“That’s 92 orders filed in the first quarter of the year. If we continue on that trend, we’re looking at an expected 20 percent rise in PFA orders in 2013,” Lusk pointed out.
“I would also expect to see a 20-percent rise in crimes as well,” Lusk said. In the past, there has been strong correlation between the number of PFA orders filed and number of other crimes committed, he said.
There are several types of PFA orders. An emergency order is issued when courts are closed, such as on nights or weekends. An on-call duty judge will issue an emergency order to provide protection for a victim until the courts open again. These emergency orders usually last until the next business day.
An ex parte temporary PFA is issued by a judge during regular business hours. A judge files an ex parte temporary PFA if they find that an adult or their children are in danger of further abuse and require protection. These orders are issued based on the testimony of the victim, Lusk explained.
“In the cases of the the ex parte PFA’s, the defendant isn’t present in court,” he said.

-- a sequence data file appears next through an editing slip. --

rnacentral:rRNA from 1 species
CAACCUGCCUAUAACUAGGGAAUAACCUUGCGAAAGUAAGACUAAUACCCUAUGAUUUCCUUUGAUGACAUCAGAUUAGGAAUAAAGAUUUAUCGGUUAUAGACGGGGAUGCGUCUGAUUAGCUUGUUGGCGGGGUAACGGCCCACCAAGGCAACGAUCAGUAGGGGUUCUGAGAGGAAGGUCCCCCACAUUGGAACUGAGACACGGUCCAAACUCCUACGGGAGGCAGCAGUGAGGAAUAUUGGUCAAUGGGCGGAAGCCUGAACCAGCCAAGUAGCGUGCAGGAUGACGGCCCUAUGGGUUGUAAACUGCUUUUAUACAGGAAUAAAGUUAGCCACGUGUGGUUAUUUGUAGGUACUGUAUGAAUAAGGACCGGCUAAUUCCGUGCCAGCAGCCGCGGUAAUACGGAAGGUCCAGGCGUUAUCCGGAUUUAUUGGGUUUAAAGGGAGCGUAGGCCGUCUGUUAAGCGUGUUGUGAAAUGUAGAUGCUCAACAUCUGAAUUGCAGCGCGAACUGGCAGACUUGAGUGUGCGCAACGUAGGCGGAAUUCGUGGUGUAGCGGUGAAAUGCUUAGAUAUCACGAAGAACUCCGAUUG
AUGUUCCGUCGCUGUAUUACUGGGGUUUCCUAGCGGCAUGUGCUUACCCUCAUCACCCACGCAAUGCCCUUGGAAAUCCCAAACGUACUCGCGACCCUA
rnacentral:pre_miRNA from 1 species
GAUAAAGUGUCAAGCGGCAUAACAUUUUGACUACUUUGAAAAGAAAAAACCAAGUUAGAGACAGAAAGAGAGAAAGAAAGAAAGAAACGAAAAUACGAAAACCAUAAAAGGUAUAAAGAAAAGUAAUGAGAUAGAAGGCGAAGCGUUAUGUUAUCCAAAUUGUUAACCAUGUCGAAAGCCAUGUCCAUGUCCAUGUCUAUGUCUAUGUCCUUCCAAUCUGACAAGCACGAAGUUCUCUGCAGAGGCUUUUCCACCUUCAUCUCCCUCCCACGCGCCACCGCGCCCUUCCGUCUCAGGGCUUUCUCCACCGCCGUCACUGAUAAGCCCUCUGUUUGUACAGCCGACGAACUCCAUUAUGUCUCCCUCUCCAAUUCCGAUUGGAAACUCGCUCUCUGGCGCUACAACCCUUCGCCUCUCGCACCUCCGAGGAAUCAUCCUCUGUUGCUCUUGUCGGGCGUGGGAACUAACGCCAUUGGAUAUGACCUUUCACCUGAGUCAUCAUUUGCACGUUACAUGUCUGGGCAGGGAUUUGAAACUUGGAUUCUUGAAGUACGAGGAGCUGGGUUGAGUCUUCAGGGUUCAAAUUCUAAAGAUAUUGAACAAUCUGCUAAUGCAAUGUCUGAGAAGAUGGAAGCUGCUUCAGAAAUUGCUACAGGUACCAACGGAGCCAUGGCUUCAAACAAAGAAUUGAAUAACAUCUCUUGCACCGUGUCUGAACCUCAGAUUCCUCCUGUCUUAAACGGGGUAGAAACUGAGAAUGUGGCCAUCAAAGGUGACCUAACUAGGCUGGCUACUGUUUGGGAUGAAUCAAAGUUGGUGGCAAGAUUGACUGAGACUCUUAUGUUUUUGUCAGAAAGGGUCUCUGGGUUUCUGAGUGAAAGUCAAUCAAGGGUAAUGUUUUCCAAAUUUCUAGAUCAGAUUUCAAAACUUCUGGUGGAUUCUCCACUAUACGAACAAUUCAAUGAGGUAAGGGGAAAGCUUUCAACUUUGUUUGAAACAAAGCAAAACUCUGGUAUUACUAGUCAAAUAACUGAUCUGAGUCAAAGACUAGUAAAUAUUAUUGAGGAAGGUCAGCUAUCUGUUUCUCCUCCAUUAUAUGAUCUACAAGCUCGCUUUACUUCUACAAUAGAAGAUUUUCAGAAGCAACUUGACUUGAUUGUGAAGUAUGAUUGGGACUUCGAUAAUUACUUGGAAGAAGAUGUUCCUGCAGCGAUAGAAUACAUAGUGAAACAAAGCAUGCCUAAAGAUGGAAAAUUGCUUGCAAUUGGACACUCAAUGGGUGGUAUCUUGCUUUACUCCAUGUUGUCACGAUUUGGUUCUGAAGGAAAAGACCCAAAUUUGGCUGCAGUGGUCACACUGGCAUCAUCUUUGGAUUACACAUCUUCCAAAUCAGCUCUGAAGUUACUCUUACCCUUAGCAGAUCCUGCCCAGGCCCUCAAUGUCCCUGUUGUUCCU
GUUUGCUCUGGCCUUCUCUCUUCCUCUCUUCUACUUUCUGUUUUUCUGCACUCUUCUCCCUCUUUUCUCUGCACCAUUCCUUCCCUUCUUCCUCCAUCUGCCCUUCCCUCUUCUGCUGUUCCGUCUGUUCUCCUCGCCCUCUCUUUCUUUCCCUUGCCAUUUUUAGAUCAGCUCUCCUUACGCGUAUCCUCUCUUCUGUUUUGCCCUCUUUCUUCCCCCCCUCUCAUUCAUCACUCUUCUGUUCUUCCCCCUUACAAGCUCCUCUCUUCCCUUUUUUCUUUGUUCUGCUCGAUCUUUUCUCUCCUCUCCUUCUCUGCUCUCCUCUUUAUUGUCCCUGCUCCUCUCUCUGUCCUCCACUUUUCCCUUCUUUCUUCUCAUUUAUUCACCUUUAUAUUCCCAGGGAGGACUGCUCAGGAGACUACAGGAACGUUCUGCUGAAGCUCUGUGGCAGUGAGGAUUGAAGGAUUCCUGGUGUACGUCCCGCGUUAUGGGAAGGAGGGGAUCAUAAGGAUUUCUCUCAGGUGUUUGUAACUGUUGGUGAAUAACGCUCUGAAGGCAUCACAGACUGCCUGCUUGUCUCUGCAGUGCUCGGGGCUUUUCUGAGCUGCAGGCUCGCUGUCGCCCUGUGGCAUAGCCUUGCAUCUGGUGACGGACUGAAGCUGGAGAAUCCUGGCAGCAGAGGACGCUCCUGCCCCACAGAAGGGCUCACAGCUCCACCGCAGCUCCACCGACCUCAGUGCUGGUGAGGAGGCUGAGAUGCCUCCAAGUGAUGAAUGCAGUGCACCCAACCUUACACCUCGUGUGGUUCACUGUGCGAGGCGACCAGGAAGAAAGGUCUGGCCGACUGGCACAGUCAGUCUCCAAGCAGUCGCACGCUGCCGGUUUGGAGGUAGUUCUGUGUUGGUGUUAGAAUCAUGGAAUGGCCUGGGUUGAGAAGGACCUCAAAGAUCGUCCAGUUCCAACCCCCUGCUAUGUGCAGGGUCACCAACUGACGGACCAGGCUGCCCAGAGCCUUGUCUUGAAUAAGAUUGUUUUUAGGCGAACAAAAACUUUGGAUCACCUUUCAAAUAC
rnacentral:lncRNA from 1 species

Lusk said this sometimes makes it difficult for officers to deliver a PFA to a defendant, as he or she may not be aware it is coming.
“We try to serve all PFA orders the same day we receive them, because we recognize how important they are,” Lusk said.
“But it can be a dangerous service, and defendants can be difficult to locate,” he added.
A final PFA is issued by a judge following a hearing in which both the alleged abuser and victim have a chance to testify. After hearing both sides, a judge decides if there is enough evidence to issue a final PFA, which can last up to three years and may be extended even further in certain cases.
In all of these cases, emotions run high, Lusk said.
“When you take a man’s car, his keys, his house, his dogs and his guns, you have to expect he’s not going to be terribly happy,” Lusk said.
“Suffice it to say that a PFA strongly effects an individual’s life from the time they are served,” he added.
If a judge feels there is sufficient need, he or she can award the plaintiff of a PFA a variety of property that the defendant may perceive as theirs.